LegalHemp Flower in Uruguay

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Uruguay, a country in the southeastern region of South America, is often considered to be one of the most socially progressive countries in Latin America. The country never criminalized personal possession of drugs. In fact, it was the first country to legalize cannabis in 2013. Canada followed the move in 2018 and became the second country to legalize hemp.

Brief History

In 2013 President Jose Mujica signed the legislation to legalize recreational cannabis in the country. A pharmacist in his article at BBC recalls that he sold 1250 packages of hemp on the first day it was legalized. There was a two-block queue just to buy it. This long queue problem is still relevant; the growth of the hemp industry was slow even after 3 to 4 years since it was legalized. This was mainly because of the US’s strict finance laws on controlled substances. Due to US finance laws, pharmacists often find themselves in conflict with their banks. Up until 2017, in a country with a population of more than 3.5 million people, only 17 pharmacies were selling cannabis.

Another reason for the slow growth of the cannabis industry was the government’s concern over insecurity and public safety. Policymakers and regulators wanted to take things slow and make sure every law is perfect and that people strictly comply with all the regulations. However, in February 2019, the government finally started accepting licenses for commercially growing hemp in the country.

Is Cannabis Legal in Uruguay?

Absolutely yes!

The use of recreational hemp is allowed as per the country’s marijuana legislation. 

Can you buy Hemp in Uruguay?

To buy cannabis, you must be a Uruguay citizen or a permanent resident of at least 18 years of age. This means that a tourist can not buy hemp in Uruguay. It is readily available at government-run pharmacies.

Is there any restriction on the consumption of hemp?

Beware that you can not buy more than 40 grams or 1.4 oz of hemp per month (10 grams per week) for recreational use. This law is strictly followed. You will have to register yourself before buying hemp. Then at the shop, you will have to give your fingerprint to actually verify that you are registered and have not exceeded your limit for consuming hemp.

Can You grow hemp flower or Cannabis plant?

The law passed in 2013 by the country’s parliament allows the planting, cultivation, and harvesting. However, there is a specific restriction on growing hemp at home. A Uruguayan citizen can grow up to six plants at home. The total yield of marijuana (cannabis) should not be more than 480 grams. On the other hand, commercial growers must hold a license to grow and sell hemp. Approved commercial growers have an annual production quota of 2000 kilograms of dried flowers. Crops of hemp/cannabis must be approved by the Ministry of Agriculture and registered with the Institute of Regulation and Control of Cannabis (IRCCA). Those that produce seeds must also do so in the National Seed Institute (INASE).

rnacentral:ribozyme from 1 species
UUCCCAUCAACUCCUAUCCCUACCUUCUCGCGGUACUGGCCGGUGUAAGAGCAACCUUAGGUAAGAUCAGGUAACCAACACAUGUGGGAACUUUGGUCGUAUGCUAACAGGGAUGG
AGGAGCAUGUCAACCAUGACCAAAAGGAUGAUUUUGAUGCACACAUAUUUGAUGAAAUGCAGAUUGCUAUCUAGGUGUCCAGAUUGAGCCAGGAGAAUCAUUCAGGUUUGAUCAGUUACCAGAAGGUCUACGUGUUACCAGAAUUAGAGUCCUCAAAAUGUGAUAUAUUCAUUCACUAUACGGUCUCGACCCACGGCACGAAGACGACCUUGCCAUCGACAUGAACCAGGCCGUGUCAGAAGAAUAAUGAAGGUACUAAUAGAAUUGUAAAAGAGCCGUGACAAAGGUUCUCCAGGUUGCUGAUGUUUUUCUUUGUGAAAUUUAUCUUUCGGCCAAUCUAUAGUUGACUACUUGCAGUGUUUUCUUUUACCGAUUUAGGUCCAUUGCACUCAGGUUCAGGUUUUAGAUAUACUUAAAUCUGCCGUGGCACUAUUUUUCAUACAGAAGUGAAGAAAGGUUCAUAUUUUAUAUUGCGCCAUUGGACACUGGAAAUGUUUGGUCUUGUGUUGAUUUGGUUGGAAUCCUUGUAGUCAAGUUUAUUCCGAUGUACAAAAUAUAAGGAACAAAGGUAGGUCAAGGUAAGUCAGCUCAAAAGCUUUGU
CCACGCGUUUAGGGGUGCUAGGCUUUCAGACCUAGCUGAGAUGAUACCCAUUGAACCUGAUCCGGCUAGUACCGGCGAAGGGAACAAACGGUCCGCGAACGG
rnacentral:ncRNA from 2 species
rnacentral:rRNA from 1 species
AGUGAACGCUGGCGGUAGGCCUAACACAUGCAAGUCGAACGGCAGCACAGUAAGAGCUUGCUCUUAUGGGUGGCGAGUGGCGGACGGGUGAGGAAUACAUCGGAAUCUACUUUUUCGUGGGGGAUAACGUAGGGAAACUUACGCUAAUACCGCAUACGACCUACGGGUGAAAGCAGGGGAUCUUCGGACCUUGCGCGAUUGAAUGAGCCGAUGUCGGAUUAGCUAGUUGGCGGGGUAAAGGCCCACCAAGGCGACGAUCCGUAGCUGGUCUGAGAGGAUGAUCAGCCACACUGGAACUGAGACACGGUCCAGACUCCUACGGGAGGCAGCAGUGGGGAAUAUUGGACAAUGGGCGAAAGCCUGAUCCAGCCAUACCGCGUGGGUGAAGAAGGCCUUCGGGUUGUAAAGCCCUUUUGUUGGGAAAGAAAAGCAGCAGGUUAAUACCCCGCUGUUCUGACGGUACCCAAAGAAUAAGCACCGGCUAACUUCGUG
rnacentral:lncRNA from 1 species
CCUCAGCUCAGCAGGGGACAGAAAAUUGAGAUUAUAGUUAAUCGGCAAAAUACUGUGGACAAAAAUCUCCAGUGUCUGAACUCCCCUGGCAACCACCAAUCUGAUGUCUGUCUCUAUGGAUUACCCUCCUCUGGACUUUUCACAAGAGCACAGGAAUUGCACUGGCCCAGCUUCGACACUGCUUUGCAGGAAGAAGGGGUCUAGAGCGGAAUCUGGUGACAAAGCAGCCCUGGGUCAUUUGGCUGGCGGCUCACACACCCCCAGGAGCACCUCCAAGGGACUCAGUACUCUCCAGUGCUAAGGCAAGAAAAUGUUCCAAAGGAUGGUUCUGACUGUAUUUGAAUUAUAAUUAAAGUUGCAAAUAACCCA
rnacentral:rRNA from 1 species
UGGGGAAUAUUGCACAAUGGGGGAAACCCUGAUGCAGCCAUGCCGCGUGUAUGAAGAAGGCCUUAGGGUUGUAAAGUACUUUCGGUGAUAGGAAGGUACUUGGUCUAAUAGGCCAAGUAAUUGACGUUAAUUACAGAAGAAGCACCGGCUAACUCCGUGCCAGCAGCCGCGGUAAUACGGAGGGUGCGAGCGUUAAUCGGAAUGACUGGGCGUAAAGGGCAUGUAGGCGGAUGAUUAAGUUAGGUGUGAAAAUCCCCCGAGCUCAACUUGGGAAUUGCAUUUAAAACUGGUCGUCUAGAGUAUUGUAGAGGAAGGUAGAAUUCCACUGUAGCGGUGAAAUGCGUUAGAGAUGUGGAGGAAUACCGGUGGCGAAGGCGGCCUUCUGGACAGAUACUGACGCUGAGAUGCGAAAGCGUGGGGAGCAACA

What concentration of THC is considered psychoactive in Uruguay?

According to the parliament’s law, any cannabis product with a THC content of more than 1% will be considered psychoactive.

Where can you buy Hemp in Uruguay?

You can only find cannabis in pharmacies. However, only a handful of pharmacies offer cannabis to the 3.5 million population of Uruguay. That is why you will find long queues in front of pharmacies that do sell hemp.

Can hemp producers promote their products?

The use of cannabis is legalized; however, there is a strict prohibition against the advertisement, marketing, and promotion of hemp.

Is lab testing mandatory?

According to the law, you are not required to get your hemp leaf or cannabis lab-tested as of yet.

Although, Recently, more and more countries are expected to legalize recreational hemp. This would cause the demand for hemp to rise in the near future. That is why many companies, especially the Canadian ones, are looking to produce hemp in Uruguay. This is mainly because the cost to produce this plant is double in Canada. Jordan Lewis, CEO of Fotmor Life Sciences, a cannabis firm in Uruguay, predicts that the number of countries legalizing the use of medical cannabis is expected to almost double to around 80 in the future, which would create a potential global market of $100 billion in the next ten years.